View Full Version : Lip syncing

09 September 2005, 06:37 PM
Hello all, I'm trying to get an independent study course for lip syncing together at school for next quarter since they don't teach it now.

I have to give a proposal of week by week progression and our larger, major assignments. Was wondering if anyone with knowledge can help me with assignments.

I used 3DS Max 7.5 currently. The assignments i've thought of so far, is syncing to a song, maybe like 10-30 seconds depending on the song for the midterm, and two characters interating for the final. Between that I need smaller assignments. The only thing I can think of is obviously creating the head, which I may just do before the quarter even starts, creating phenoms (sp?) and maybe expression sheets. Maybe even have emotion/expressions as an assignment for a week, showing the major emotions.

Keep in mind we are only on a 10 week quarter system. (I'm also taking Animation Production Team, so I don't want HUGE assignments, just wanna learn the fundamentals to apply to my Senior Project.)

09 September 2005, 07:50 PM
sounds like the assignments you came up with would be very time consuming - especially if you have never done facial animation before.

My suggestion would be to first try and teach them about the different phonemes and mouth shapes. I would also probably have something that covers the basics of modeling for facial animation. Jason Osipa's Stop Staring! ( book is awesome for facial animation and would be good if the school would allow students to purchase this for the class.

Next would be a simple assignment trying to do a small animation with a character ready for facial animation. Like you said I would have a pre-made character that would be good for those who don't model so well and also to save on time since you only have 10 weeks. The 10secondclub ( is a great website with monthly animation contests. The contest runs at the beginning of the month and has a 10 second clip from a movie line. This is good to do a basic animation too. Or find one that just involves one character.

Lastly - if time is available - assign a two character lip sync for a final. Or a really good lip sync or one of the students choice. I would stick to around a 10 second length and I would have the one teaching the class listen first to make sure its not out of their animation skills.

I am currently going to school and our quarters only last 11 weeks - I am sure you know as well that as a student it is very hard to learn, understand, practice and really come away with a nice piece in so little of time. Make the class and assignments based off that and don't push too much on them, just as you wouldnt want too much on your hands. And having more than one class is another obstacle.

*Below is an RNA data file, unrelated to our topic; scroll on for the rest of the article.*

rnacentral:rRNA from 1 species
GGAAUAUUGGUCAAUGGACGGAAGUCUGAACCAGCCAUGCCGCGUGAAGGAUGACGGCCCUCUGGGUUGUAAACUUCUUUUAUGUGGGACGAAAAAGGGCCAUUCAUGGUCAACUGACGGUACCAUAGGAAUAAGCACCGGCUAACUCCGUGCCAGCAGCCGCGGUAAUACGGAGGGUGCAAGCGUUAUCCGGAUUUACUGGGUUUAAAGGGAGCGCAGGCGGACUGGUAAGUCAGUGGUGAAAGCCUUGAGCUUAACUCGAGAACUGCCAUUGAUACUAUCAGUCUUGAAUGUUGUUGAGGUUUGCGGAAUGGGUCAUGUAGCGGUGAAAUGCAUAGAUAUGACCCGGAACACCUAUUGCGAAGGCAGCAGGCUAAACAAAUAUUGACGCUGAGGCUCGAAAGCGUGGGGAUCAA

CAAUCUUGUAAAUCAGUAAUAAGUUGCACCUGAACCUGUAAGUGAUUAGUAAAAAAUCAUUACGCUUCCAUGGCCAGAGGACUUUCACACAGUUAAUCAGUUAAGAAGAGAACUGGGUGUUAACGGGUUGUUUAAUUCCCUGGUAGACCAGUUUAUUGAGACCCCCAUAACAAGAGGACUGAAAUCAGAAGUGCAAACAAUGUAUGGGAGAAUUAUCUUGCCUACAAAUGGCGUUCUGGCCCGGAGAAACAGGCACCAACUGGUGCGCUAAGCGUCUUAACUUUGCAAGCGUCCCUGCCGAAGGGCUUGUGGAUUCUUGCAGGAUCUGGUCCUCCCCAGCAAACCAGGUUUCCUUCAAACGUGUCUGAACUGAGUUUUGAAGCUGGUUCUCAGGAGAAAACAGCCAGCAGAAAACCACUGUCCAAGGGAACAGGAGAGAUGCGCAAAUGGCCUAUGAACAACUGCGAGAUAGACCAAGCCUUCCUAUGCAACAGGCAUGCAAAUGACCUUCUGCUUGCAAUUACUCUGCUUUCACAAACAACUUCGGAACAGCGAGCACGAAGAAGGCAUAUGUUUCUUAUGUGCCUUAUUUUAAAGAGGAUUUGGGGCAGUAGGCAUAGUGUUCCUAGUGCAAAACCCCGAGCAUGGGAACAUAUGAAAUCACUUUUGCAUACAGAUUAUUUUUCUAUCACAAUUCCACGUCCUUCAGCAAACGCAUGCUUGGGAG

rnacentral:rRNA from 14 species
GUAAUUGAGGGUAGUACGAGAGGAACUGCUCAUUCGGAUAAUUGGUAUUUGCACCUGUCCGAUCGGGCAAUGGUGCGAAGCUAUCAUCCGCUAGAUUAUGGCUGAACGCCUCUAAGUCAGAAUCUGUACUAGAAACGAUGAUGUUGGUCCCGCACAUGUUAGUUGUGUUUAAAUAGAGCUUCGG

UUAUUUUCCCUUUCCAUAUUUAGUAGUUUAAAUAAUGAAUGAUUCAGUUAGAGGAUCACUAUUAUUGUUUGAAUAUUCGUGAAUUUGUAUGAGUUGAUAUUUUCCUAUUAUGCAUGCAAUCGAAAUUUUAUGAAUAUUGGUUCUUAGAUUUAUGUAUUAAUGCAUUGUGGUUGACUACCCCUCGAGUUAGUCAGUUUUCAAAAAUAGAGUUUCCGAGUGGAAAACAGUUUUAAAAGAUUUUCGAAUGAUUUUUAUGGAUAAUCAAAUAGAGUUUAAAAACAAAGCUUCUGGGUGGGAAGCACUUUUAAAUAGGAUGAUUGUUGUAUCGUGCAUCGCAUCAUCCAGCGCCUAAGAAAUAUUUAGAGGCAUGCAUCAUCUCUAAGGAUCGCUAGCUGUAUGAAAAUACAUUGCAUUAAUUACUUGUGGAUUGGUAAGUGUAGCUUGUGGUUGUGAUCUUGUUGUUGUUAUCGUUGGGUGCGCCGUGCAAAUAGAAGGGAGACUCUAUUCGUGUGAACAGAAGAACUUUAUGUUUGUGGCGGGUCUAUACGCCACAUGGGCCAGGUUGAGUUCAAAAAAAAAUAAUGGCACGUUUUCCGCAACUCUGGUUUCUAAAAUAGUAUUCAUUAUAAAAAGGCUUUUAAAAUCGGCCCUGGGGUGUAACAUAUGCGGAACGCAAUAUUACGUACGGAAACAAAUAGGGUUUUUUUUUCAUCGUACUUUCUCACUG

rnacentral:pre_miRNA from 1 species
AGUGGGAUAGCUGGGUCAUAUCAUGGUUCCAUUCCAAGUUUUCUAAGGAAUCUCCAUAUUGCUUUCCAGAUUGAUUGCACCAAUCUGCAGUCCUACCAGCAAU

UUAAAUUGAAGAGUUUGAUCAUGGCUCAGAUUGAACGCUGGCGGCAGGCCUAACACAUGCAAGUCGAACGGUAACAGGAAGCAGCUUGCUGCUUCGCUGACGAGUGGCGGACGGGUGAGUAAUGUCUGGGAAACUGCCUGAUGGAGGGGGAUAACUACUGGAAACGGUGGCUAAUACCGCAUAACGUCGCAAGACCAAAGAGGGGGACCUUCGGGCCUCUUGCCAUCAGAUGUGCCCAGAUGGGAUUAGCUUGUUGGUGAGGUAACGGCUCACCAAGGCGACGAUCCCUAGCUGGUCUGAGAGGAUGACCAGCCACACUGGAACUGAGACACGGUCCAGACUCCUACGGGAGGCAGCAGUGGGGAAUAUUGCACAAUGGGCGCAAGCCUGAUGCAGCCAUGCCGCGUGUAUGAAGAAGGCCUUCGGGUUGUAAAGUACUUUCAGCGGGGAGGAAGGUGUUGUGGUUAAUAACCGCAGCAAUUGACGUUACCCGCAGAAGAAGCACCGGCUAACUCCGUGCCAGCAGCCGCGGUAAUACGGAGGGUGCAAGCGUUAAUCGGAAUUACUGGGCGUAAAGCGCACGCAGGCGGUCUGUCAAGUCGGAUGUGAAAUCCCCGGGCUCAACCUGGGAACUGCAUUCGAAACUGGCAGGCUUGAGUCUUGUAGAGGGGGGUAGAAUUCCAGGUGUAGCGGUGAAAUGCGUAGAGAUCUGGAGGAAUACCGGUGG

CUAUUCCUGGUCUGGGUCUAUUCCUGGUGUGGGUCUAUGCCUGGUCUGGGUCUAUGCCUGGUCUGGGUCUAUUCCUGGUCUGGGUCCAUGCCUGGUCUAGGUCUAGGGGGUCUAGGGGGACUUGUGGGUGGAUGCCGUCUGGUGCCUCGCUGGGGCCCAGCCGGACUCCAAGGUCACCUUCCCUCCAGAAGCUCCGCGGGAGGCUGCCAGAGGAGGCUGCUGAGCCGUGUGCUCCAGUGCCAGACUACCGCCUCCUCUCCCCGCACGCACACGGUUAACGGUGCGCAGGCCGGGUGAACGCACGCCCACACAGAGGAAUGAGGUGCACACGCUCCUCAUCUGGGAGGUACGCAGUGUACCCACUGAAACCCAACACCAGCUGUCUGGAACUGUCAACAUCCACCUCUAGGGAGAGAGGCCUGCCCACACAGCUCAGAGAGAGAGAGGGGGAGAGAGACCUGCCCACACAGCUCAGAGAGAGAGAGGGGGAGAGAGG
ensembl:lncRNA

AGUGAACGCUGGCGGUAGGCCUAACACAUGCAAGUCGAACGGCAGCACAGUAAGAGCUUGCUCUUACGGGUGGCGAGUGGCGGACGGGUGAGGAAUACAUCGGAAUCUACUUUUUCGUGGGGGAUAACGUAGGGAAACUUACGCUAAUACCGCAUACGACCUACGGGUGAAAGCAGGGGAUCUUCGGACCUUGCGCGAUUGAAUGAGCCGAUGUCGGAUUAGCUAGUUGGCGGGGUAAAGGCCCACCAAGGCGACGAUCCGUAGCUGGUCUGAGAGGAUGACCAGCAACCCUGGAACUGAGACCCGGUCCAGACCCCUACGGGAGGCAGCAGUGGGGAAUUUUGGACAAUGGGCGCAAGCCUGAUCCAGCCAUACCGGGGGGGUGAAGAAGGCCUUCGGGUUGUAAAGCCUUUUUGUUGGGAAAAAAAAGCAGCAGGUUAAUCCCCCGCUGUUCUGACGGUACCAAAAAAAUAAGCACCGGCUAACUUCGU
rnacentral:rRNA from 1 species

Good luck and looking forward to hearing how it goes. BTW - what school is this for..just curious.

Matt - :thumbsup:

09 September 2005, 12:13 AM
Sorry I didn't clarify, but I am the student for this. Myself and a friend actually. We have to make a proposal so the academic director and teacher knows what we are trying to do and so we aren't just doing nothing.

Yeah I thought about the 10 second club too, wasn't sure about time contraints though, and I don't want to make it an absolute critieria.

What school do you goto? We were on an 11 week schedule, The Art Institute of Washington, until this quarter we went on a 10 week...something to do with our head branch school...AI in Atlanta.

09 September 2005, 11:55 AM
I go to the International Academy of Design in Tampa - really unhappy with the school. It will be nice to have a degree(BA) but the focus is not on just animation, but the overall 3d industry. We never even covered facial animation. What I have learned has been from the book I recommended and on my own.

09 September 2005, 03:33 PM
Although this doesn't really have to do with your actual course, it may be helpful. I bought a really great book a while back that helped a lot with facial is one of the best out there that I have found so far. It covers everything from the model to the structure of the sounds and how they apply to one another in animation. Check it out:

Stop Staring: Facial Modeling and Animation Done Right™

By Jason Osipa

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09 September 2005, 03:33 PM
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